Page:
Writing Feverlets*

Curious about her critique of Derrida’s Archive Fever, I picked up a
copy of Carolyn Steedman’s Dust: The Archive and Cultural History from
Bird Library, recalling it from another patron who had checked it out (v. sorry
about that). I deal briefly with AF in Chapter Three. Steedman
makes the point that AF is less about archives than about Derrida’s
concern for the slippage of origins (a theme in his other work) and the
inseparability of psychoanalysis from Freud (and also Judaism). She
writes, "The Foreword [to AF] carried the main argument, about Freud’s
Jewish-ness, and the contribution of Jewish thought to the idea of the archive,
via psycho-analysis" (7). Basically, Steedman is suspicious of Derrida’s
characterization of the fever (as a frenzied pursuit of origins which do not
properly exist). She complains that the concept of the fever is degraded in
translation from Mal d’Archive, and then she enthusiastically claims the
sickness Derrida mocks: "Archive fever, indeed? I can tell you all about
Archive Fever!" (17). Dust undertakes this "all about-ness" at fever’s pitch;
Steedman, all the while, works to correct (or tune, at the very least) Derrida’s
glancing consideration of the archive left behind in his treatment of other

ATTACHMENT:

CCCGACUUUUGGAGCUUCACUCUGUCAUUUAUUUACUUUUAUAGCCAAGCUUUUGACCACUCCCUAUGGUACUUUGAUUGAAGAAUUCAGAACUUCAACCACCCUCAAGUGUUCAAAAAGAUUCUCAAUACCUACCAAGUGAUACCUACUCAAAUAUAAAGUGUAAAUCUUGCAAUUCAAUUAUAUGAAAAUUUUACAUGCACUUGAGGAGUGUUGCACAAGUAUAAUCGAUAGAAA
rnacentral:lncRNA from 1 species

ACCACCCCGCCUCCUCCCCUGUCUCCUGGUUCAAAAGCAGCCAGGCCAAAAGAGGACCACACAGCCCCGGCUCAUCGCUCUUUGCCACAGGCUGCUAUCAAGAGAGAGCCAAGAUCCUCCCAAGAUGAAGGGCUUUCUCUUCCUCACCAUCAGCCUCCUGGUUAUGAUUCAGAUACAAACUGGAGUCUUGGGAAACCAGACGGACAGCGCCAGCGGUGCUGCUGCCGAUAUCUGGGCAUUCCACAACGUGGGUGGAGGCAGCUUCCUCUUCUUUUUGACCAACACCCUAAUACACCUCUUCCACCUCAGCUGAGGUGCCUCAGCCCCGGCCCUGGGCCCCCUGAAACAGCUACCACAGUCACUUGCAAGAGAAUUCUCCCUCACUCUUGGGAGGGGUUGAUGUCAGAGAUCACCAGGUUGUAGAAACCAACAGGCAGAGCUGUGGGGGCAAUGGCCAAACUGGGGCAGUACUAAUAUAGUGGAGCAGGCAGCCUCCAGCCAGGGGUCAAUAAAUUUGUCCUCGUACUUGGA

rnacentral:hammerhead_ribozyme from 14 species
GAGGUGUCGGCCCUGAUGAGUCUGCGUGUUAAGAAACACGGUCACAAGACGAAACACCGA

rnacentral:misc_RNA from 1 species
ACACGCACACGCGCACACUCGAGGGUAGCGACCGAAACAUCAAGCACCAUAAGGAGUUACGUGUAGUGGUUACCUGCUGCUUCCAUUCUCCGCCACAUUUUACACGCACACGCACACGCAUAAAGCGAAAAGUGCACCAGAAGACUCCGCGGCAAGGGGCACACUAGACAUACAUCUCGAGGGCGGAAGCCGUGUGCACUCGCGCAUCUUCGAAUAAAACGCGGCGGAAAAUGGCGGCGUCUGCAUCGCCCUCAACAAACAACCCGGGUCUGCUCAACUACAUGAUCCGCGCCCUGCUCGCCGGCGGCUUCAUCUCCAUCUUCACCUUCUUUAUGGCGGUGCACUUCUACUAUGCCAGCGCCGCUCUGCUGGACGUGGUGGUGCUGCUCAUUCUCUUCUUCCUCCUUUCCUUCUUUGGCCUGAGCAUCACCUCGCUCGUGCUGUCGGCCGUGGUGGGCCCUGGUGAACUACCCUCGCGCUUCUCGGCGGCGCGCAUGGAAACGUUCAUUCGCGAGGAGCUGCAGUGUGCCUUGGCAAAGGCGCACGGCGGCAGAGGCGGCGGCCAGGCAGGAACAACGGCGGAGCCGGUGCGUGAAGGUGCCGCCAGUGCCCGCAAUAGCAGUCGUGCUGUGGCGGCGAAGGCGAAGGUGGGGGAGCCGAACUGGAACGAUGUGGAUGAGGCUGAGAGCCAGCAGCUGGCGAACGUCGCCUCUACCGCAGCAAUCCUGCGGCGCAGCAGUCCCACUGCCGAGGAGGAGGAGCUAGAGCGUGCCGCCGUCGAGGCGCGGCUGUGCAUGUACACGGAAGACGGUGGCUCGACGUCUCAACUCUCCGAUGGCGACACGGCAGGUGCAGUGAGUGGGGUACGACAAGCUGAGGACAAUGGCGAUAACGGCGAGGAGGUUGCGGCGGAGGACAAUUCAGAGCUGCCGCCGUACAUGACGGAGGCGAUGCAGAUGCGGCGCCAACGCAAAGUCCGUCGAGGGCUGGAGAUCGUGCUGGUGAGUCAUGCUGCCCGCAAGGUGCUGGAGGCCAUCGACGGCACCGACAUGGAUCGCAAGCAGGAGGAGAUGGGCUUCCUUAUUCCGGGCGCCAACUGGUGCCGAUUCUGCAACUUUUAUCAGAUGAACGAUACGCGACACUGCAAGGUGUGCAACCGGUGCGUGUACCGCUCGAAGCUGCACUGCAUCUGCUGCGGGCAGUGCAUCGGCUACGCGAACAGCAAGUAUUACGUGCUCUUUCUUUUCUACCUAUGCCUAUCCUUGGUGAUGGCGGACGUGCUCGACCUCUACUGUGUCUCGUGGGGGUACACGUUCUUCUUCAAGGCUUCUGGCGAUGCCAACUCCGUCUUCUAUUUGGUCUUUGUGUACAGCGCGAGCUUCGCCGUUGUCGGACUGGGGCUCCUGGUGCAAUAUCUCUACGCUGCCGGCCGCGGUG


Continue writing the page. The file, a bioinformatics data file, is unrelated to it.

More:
concerns (psychoanalysis, Freud, and so on).

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In Action

Just before the fall semester convenes one month from now, my graduate
program will hold its annual Community Day event. The day-long event
includes faculty and grad student symposia, a lunch, a conversation with the new cohort of students,
and, in the evening, a potluck. The theme for this year’s event is
"Scholarship In Action," one of the hinge phrases in SU’s mission
statement. Scholarship In Action, as I understand it, is a positive
designation for scholarly activity undertaken in such a way that it circulates
broadly, intervening in the
world beyond the academy. Community engagement, boundary-spanning
initiatives, and participatory dynamics are entered into play. SIA complicates
traditional models of research. I’ve been asked to talk for ten minutes
about how the research I’m doing matches up with SIA, and so, largely because I
agreed to do it, I’ve been walking the perimeter, getting bearings on the phrase, tracing it back
through some of the references to it in recent campus discourse, keeping on the lookout for a eureka or
two.

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